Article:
How the times have changed…

Civil rights is one thing.  This here is somethin’ else.”

Guess Who’s Coming to Dinner (Stanley Kramer, 1967)

With Spencer Tracy, Sidney Poitier and Katharine Hepburn.

Until now, I had never seen this classic film about a beautiful white girl bringing home a black doctor to announce their engagement to her family.  I had, however, seen the 2005 Ashton Kutcher/Bernie Mac reworking of the film.  The “remake” reversed the races of the characters, having black girl (Zoe Saldana) bring home the white man to her family.  That’s just the start of it, as the tonal and stylistic differences between the two films are vast.

Kutcher and Mac in "Guess Who"

In the remake, Ashton and Bernie Mac are constantly engaged in a game of one-upmanship.  Kutcher is intent on proving that he is worthy of marrying Mac’s daughter and Mac needs to fuel his alpha male complex by proving that he still runs the show.  Although it is quite funny at times, I’ve always viewed Guess Who as a blatant attempt to capitalize on the success of Meet the Parents.

There is a definite tension there, but it is handled in a very lighthearted and joking manner.  The gags are filled with racist jokes, the longest-running of which involves Kutcher trying to prove himself as an “athlete” by lying about working in NASCAR.  Naturally, he assumes there is no way Bernie Mac would know anything about auto racing.  Whoops…

The original has its funny moments as well, but it is much less of a comedy.  It has a larger purpose at stake.  A few of its major messages are hypocrisy and understanding.

Spencer Tracy (the father) is shocked when his daughter brings home a good-looking successful doctor who happens to be black.  His wife later explains to him that they raised their daughter to see everyone as an equal, regardless of skin color.  Does this supposed “equality” have its limits, though?

Tracy and Poitier in "Guess Who's Coming to Dinner"

Rather than competing with one another, Tracy and Poitier’s characters begin trying to understand one another.  Tracy learns to respect Poitier for all of his professional accomplishments as well as his personal qualities.  Later, Poitier’s parents come into play and they have some reservations of their own.

The nearly 40-year separation between the releases of these two films is obviously the biggest contributor to the differences in style and subject matter.

While watching the 1967 original, it seems almost odd that the parents are so focused on the color of the man’s skin.  The fact that the couple has a 14 year age difference and that they have known each other for just 10 days becomes nothing more that a footnote.  This seems strange now, but I’m sure it was quite realistic at the time.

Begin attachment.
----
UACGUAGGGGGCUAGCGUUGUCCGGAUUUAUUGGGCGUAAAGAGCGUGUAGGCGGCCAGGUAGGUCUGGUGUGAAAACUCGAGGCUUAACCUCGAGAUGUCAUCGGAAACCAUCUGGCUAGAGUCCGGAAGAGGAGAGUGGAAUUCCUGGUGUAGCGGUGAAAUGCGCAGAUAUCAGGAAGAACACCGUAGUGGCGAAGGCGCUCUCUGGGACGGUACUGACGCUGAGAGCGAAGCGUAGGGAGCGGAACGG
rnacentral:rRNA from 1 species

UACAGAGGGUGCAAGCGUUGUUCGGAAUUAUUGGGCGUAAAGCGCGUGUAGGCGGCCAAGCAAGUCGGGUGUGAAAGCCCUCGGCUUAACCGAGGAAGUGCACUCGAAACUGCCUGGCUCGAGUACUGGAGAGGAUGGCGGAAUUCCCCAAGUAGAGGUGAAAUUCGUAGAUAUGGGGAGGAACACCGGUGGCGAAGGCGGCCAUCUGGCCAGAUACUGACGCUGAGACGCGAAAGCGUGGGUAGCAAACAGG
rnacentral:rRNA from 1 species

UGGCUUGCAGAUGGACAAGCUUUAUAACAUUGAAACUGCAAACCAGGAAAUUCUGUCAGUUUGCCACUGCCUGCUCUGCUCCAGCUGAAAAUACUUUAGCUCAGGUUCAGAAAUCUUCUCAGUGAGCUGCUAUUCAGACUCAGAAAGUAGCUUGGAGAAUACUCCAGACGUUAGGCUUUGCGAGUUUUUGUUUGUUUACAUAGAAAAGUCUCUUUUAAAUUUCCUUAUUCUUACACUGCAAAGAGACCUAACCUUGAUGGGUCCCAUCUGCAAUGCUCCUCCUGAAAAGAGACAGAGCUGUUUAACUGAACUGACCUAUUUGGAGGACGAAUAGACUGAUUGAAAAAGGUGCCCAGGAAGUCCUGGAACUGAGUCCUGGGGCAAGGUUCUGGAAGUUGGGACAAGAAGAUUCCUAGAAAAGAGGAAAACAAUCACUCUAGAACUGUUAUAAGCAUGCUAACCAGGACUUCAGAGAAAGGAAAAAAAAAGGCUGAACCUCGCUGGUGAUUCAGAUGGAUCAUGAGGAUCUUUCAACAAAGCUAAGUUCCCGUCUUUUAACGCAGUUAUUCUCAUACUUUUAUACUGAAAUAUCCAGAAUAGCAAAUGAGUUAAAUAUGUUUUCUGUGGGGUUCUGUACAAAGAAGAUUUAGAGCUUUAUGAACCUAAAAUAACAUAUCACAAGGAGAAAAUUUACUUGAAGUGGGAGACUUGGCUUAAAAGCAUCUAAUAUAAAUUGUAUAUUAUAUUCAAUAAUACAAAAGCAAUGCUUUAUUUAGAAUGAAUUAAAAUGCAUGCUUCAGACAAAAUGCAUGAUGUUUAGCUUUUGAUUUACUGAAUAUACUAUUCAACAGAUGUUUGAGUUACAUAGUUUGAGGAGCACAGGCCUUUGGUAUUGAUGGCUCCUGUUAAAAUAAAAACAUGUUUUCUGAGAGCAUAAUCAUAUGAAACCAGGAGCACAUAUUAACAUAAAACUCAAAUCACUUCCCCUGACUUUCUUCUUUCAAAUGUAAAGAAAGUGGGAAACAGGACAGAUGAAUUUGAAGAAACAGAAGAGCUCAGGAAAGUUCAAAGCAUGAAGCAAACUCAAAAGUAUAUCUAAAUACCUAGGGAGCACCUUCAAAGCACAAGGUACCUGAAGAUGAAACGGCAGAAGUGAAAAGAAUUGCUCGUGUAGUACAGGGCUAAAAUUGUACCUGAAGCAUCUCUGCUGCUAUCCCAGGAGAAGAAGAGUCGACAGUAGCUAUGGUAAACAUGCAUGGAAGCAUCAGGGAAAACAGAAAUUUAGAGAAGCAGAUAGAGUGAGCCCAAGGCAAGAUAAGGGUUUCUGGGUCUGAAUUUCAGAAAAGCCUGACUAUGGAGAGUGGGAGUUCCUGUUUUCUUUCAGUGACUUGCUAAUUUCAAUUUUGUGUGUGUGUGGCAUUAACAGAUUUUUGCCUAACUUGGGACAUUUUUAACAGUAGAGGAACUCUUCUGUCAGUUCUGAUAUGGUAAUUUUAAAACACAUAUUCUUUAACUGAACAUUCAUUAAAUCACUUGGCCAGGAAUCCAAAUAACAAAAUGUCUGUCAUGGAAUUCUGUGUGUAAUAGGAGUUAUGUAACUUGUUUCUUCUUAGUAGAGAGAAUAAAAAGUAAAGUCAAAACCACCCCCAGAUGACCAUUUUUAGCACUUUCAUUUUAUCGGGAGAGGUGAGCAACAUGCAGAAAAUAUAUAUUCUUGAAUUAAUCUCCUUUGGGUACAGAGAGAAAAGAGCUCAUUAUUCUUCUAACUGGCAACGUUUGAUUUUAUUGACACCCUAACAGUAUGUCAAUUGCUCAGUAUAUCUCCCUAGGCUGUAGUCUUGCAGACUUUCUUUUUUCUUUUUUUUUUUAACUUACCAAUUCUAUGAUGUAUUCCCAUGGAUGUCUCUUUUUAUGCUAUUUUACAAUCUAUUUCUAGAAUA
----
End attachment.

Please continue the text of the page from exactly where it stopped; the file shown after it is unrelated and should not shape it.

The biggest hurdle in the original was the parents’ fear that the couple would be scrutinized on a daily basis by the general public.  Most everyone in the 2005 version of the story else understands the relationship between Saldana and Kutcher, with Bernie Mac being the lone stubborn skeptic who still needs convincing.

I tend to view movies on a deeper level of vitality than most people, but these two films are evidence of film’s importance.  They are a time capsule to two different points in history.  Even if you didn’t know anything else about the time between 1967 and 2005, you would recognize a significant difference in the way we perceive interracial relationships.  As Poitier explains to his father in Guess Who’s Coming to Dinner:

“You are 30 years older than I am. You and your whole lousy generation believes the way it was for you is the way it’s got to be.  And not until your whole generation has lain down and died will the dead weight of you be off our backs!”

Unfortunately, racism is will always be underlying in the minds of many people.  They might remain ethnocentric and refuse to recognize people of other races, ethnicities or religions as equals.  At least by watching movies like these, we can see that we have tried.  Progress has been made.

Rating: 9/10 (original), 6/10 (remake)

RIYL: The Graduate, Meet the Parents, Away We Go.


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